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A bestseller in 1945, this book has been out of print for over thirty years Like Wescott's extraordinary novella The Pilgrim Hawk (which Susan Sontag described in The New Yorker as belonging "among the treasures of 20th-century American literature"), Apartment in Athens concerns an unusual triangular relationship. In this story about a Greek couple in Nazi-occupied Athens who must share their living quarters with a German officer, Wescott stages an intense and unsettling drama of accommodation and rejection, resistance and compulsion--an account of political oppression and spiritual struggle that is also a parable about the costs of closeted identity.
Charm, wit, compassion, wisdom, literature, nature, sex, humor, politics, sorrow, love: these themes fill the late journal pages of enigmatic American writer Glenway Wescott. From humble beginnings on a poor Wisconsin farm, Wescott went on to study at the University of Chicago, narrowly survive the Spanish flu pandemic, and eventually emerge as an influential poet and novelist. A major figure in the American literary expatriate community in Paris during the 1920s and a prominent American novelist in the years leading up to World War II, he spent a decade living abroad before relocating permanently to New York and New Jersey with his partner, Museum of Modern Art publications director and curator Monroe Wheeler. Together they mixed with such intellectual and creative greats as Jean Cocteau, Colette, George Platt Lynes, Paul Cadmus, Somerset Maugham, Christopher Isherwood, Marianne Moore, W. H. Auden, Truman Capote, Joseph Campbell, and scores of other luminaries. During the second half of his life, Wescott wrote nonfiction essays and worked for the Academy Institute of Arts and Letters, all the while keeping journals in which he recorded the experiences that fostered his love of life, literature, the arts, and humanity. A Heaven of Words looks back on Wescotts entire fascinating life and reveals the riveting narrative of his last decades.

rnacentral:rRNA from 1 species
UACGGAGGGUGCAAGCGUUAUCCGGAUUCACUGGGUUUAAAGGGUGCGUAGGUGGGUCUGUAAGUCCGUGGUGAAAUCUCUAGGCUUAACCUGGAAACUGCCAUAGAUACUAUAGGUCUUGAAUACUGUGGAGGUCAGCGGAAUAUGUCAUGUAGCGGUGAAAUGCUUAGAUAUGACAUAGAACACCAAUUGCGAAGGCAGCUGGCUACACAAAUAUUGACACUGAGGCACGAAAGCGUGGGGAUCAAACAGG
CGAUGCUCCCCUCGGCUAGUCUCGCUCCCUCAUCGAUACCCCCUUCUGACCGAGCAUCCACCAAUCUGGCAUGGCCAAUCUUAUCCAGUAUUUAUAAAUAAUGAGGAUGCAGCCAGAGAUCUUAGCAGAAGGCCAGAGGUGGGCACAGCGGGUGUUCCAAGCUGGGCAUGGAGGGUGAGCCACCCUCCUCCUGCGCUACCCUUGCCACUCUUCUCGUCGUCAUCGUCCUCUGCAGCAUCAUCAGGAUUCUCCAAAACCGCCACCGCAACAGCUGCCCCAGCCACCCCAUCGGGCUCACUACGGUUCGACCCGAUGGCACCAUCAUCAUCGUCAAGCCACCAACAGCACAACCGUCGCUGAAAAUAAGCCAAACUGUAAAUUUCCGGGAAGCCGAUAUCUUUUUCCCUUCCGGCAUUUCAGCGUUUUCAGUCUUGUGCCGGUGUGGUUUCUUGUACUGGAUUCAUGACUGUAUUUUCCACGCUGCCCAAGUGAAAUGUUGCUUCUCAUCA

This powerful short novel describes the events of a single afternoon. Alwyn Tower, an American expatriate and sometime novelist, is staying with a friend outside of Paris, when a well-heeled, itinerant Irish couple drops in--with Lucy, their trained hawk, a restless, sullen, disturbingly totemic presence. Lunch is prepared, drink ﬂows. A masquerade, at once harrowing and farcical, begins. A work of classical elegance and concision, The Pilgrim Hawk stands with Faulkner's The Bear as one of the ﬁnest American short novels: a beautifully crafted story that is also a poignant evocation of the implacable power of love.
Just as E. M. Forster's novel of gay love, Maurice, remained unpublished throughout his lifetime, Glenway Wescott's long story "A Visit to Priapus" was also destined to be a posthumous work, buried from 1938 until this century in Wescott's massive archive of manuscripts, journals, notebooks, and letters. The autobiographical story is about a literary man, frustrated in love, who puts aside his pride and makes a date with a young artist in Maine. Lavishly rendered in Wescott's elegant prose, the tale is explicit where it needs to be, but--as is typical of Wescott--it is filled with descriptive beauty and introspective lessons about sex and sexuality, love and creativity. Previously published in anthology form in the United Kingdom, "A Visit to Priapus" is presented for the first time in book form in America, containing previously uncollected stories, including three never before published. The result is a candid portrayal of the gifted but enigmatic writer who was famous in youth and remained a perceptive and compassionate voice throughout his long life. Drawn together from midcentury literary journals and magazines of the 1920s and 1930s, as well as from Wescott's papers, the stories were inspired by his life, from childhood to old age, from Wisconsin farm country to New York, London, Germany, and Paris.
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